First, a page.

I remember the exchange as if it occurred yesterday. During a cultural sensitivity workshop that I was conducting at a local college, I intentionally piqued the interest of the multi-racial group attendees with the following question. “Can Black people be racist?”
As expected, even those who were hesitant to share in the earlier exercises sat up straight in their chairs and eagerly raised their hands to expound upon the matter. I was not surprised that every person in this workshop agreed that African-Americans can be as racist as their counterparts from other races/ethnicities.
I must admit that it was amusing to see many of the white participants grow red in the face, a sign of what I would term not an increasing anger, rather an uncontrollable nearly psychotic rage that they had held for far too long. The alluded to rage increased with each and every soliloquy that the multi-racial group of participants shared. Although I am not seeking to make light of their stories, they amounted to little more than some conflict that they felt ended with them being wronged by a person of another race/ethnicity.
After each participant released their pent-up frustrations regarding when they were wronged by some racist incident, I simply stared at them and stated that they had absolutely no idea of what racism actually was. As if cued up, one participant challenged me with the following assertion, “Of course, you do not think that Black people can be racist, because you are Black.”
It was at this moment that I told her that although I was “Black” my reason for stating that African-Americans cannot be racist was grounded in an understanding of what racism actually is. This white woman was visibly angered by my response, as indicated by her entire face becoming a flaming red. I thought that she may be on the verge of a stroke of some kind as she continued to glare at me.
I thought that I should move quickly in explaining why African-Americans cannot be racist before huge segments of the participating audience who vehemently disagreed with my belief tuned me out for the remainder of the session. So I moved quickly to ask the entire group, “What is the difference between prejudice, discrimination, and racism?” As expected, they answered with blank stares.
It was at this moment that I took the opportunity to share with them that each of these three words — prejudice, discrimination, and racism — had different meanings.
The white participants, although still worked up from recalling moments when they were victimized by what they thought was racism, finally realized that my workshop was not a ‘beat up on whitey session’ when I related that it was extremely difficult, if not impossible for ordinary citizens, regardless of their racial/ethnic identity, to be racist. They usually did not possess such power.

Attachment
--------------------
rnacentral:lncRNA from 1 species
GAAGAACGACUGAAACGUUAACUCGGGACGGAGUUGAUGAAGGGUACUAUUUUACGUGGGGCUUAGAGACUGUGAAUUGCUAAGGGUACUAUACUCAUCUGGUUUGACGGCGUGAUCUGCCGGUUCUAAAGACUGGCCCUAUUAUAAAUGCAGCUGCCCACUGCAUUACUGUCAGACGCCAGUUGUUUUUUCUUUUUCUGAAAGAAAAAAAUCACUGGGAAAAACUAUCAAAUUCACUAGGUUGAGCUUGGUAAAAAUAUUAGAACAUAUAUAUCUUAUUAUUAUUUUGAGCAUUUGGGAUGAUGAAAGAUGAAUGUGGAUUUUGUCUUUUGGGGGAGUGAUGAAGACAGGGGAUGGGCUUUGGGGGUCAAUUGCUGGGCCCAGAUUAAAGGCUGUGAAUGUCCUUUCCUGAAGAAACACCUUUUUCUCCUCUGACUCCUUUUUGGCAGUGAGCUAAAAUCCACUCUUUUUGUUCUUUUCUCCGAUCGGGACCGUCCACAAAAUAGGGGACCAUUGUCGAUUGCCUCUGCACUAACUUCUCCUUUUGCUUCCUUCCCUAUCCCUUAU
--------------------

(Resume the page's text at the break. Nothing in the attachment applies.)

Unbeknownst to them, racism is a complex system that usually involves — financial institutions, businesses, educational institutions — that work to disenfranchise a group of people based upon their race/ethnicity. I then asked how many of them held that type of power. Not one hand rose.
I then explained to the white participants that what each of their earlier stories about racial injustice actually denoted was their engagement with a person harboring prejudiced views toward them. I pointed out to them that at the end of their personal conflict, after they calmed down, they were able to resume their lives without having their homes, jobs, children, or lives either challenged or endangered. For the vast majority of those in the room, this was what Oprah Winfrey is known to call an “Aha” moment.
After explaining racism and prejudice, I then addressed discrimination in the following manner. “An ordinary citizen who has the power to hire workers for a construction job can very well practice discrimination by refusing to hire a specific racial or ethnic group. Consider discrimination, prejudice with action. Consider discrimination a primary pillar of racism.”
As usual, the vast majority of those in the room who had decided early on in the process that they would engage the workshop with an open mind understood the seismic difference between prejudice, discrimination, and racism by its conclusion; others, were not so fortunate as they refused to consider anything that was being taught and subsequently refused to budge from their initial undeveloped understanding that collapsed prejudice, discrimination, and racism into a single entity.
I simply sigh at such individuals and focus upon those who are able to understand racial matters beyond a superficial level. Maybe the others will get it in due time. Or at least I hope so.
James Thomas Jones III
©Manhood, Race and Culture, 2015.